Label: Mercury Records
When you think Yellowcard, you think Ocean Avenue. Released in July 2003, the album sold two million copies, spawned three hit singles, earned the band an MTV Video Music Award, received platinum certification and catapulted Yellowcard to the forefront of the thriving pop-punk scene.
The problem is – they couldn’t stay there.
In January 2006, the band diverted from their commercially viable sound with the release of Lights and Sounds. The album received mixed reviews and alienated fans of Ocean Avenue. In many ways, the band never recovered.
Three albums and an extended hiatus later, Yellowcard returns with Southern Air. Produced by Neal Avron (Fall Out Boy, New Found Glory, Linkin Park), the album evokes memories of summer nights, girlfriends and adolescence. In other words, it calls Ocean Avenue to mind.
But this album isn’t perfect. There are several noticeable flaws.
A number of songs (“Awakening”, “Sleep in the Snow”, “Southern Air”) unnecessarily extend past the 3:30 mark. Given the experience and commercial success of producer Neal Avron, this is disappointing.
Violinist and founding member Sean Mackin (whose presence was unmistakable on Ocean Avenue) goes relatively unnoticed throughout much of Southern Air. At times, his inclusion appears to be the product of obligation, rather than necessity.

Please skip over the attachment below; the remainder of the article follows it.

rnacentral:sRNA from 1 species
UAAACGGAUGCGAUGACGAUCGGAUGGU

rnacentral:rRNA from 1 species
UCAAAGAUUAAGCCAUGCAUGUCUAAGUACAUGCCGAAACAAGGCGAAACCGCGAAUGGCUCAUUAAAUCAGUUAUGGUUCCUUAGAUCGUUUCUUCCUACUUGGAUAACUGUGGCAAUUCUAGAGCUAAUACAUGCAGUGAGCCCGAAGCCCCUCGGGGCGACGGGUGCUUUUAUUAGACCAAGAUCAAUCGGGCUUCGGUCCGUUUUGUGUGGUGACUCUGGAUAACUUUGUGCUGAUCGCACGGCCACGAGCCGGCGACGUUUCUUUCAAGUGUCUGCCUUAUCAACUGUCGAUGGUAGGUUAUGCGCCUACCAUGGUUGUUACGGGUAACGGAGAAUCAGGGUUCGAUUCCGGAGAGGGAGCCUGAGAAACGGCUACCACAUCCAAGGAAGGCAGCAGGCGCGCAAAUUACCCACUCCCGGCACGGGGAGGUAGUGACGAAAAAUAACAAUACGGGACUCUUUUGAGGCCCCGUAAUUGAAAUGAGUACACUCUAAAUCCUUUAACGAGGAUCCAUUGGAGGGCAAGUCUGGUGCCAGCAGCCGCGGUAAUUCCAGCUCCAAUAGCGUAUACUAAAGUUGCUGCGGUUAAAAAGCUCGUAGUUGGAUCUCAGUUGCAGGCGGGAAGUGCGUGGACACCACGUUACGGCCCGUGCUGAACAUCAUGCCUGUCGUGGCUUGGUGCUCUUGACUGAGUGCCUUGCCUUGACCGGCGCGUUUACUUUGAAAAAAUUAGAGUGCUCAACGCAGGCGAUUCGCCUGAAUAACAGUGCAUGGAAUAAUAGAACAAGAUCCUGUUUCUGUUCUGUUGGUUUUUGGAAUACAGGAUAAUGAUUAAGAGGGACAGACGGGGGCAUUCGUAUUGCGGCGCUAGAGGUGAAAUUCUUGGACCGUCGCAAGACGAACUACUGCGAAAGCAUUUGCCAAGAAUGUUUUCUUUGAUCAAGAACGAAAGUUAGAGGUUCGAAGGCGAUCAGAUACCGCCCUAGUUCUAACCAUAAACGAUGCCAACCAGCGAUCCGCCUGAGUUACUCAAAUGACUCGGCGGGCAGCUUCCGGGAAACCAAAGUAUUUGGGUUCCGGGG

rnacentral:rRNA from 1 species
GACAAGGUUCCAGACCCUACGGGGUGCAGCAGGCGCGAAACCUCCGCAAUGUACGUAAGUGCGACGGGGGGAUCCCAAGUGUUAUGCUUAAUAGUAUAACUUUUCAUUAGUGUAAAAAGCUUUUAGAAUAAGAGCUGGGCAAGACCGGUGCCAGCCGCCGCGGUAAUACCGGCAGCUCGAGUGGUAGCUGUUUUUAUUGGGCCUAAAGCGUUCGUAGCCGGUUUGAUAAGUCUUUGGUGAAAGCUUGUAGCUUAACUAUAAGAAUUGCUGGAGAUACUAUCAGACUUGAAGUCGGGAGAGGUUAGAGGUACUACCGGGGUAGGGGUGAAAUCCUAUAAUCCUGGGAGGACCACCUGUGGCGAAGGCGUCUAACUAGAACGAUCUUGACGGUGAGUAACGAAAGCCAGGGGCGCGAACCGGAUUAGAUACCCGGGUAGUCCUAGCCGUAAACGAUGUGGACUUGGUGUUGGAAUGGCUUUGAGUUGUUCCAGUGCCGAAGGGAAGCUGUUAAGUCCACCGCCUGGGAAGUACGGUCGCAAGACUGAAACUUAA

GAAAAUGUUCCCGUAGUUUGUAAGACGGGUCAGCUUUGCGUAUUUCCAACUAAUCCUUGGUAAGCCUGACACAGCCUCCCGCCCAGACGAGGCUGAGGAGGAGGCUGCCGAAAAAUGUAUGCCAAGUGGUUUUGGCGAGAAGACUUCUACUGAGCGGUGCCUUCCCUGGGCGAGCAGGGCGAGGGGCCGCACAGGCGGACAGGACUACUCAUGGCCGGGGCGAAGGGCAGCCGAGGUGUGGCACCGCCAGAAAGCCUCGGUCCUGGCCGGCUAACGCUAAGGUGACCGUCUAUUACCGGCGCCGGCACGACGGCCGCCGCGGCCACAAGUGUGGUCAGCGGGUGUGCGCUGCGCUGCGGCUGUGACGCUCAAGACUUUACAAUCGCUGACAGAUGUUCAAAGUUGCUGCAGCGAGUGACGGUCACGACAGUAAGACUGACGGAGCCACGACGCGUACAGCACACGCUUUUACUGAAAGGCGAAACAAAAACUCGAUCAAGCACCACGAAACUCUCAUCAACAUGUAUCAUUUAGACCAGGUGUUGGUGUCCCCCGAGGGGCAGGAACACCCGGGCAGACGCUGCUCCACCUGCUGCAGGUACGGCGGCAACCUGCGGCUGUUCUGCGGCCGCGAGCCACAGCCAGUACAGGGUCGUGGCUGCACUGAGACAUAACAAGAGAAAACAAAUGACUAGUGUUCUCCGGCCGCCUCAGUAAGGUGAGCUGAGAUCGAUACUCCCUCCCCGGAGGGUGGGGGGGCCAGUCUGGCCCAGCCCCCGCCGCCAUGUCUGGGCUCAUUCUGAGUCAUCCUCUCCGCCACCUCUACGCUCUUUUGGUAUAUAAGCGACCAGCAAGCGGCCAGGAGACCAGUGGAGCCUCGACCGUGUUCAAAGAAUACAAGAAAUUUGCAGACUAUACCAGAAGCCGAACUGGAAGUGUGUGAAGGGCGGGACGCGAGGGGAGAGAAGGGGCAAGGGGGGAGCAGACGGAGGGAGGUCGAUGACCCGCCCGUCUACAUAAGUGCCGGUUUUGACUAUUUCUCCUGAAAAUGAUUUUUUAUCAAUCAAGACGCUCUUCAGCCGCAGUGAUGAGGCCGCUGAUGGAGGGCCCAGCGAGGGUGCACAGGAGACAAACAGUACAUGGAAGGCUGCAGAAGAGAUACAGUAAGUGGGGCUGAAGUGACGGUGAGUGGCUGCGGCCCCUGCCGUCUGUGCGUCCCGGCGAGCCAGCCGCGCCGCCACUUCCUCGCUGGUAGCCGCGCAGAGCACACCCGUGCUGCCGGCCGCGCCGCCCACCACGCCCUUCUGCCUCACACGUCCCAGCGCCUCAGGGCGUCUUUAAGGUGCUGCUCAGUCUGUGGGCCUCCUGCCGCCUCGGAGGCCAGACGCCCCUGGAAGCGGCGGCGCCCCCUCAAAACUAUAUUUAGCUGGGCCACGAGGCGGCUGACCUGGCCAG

There are also moments (“A Vicious Kind”) that suggest Yellowcard is stubbornly resisting the urge to write a hook-laden, pop-punk record. In these moments, the listener is cheated.
But when the band gets it right, it’s terrific.
The massive pre-chorus/chorus combination on “Sleep in the Snow” showcases the band at their absolute best. The record’s lead single, “Always Summer”, combines the abrupt pre-chorus of “Way Away” with the nostalgic post-chorus of “Ocean Avenue”. The result is a surefire summer hit.
Though lyrically childish, “Here I Am Alive” is destined for radio play with its motivational themes and punchy chorus. The acoustic “Ten” details a crippling miscarriage and could be this generation’s version of Ben Folds Five’s “Brick”. The album’s closer, “Southern Air”, contains a scream-along chorus tailor-made for screen names and summer road trips.
In short, Southern Air is the album Yellowcard should have released in the summer of 2005. It possesses the hooks and choruses of Ocean Avenue with the aggression and intensity the band embraced on Lights and Sounds.
And though Southern Air speaks of a band reluctant to fully embrace a pop-punk designation, its high points suggest the band is capable of regaining the genre’s illustrious throne.
The ball’s in their court now.